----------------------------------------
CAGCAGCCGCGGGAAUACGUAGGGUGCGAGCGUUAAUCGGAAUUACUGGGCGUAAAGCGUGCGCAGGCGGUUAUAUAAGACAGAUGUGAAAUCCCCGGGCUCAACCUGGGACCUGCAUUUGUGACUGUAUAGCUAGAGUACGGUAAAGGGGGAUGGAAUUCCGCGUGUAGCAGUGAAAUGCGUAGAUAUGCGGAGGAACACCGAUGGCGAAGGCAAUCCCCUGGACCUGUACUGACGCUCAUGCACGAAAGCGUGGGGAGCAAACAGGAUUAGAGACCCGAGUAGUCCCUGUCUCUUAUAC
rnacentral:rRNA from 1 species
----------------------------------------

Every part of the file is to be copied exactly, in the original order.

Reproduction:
CAGCAGCCGCGGGAAUACGUAGGGUGCGAGCGUUAAUCGGAAUUACUGGGCGUAAAGCGUGCGCAGGCGGUUAUAUAAGACAGAUGUGAAAUCCCCGGGCUCAACCUGGGACCUGCAUUUGUGACUGUAUAGCUAGAGUACGGUAAAGGGGGAUGGAAUUCCGCGUGUAGCAGUGAAAUGCGUAGAUAUGCGGAGGAACACCGAUGGCGAAGGCAAUCCCCUGGACCUGUACUGACGCUCAUGCACGAAAGCGUGGGGAGCAAACAGGAUUAGAGACCCGAGUAGUCCCUGUCUCUUAUAC
rnacentral:rRNA from 1 species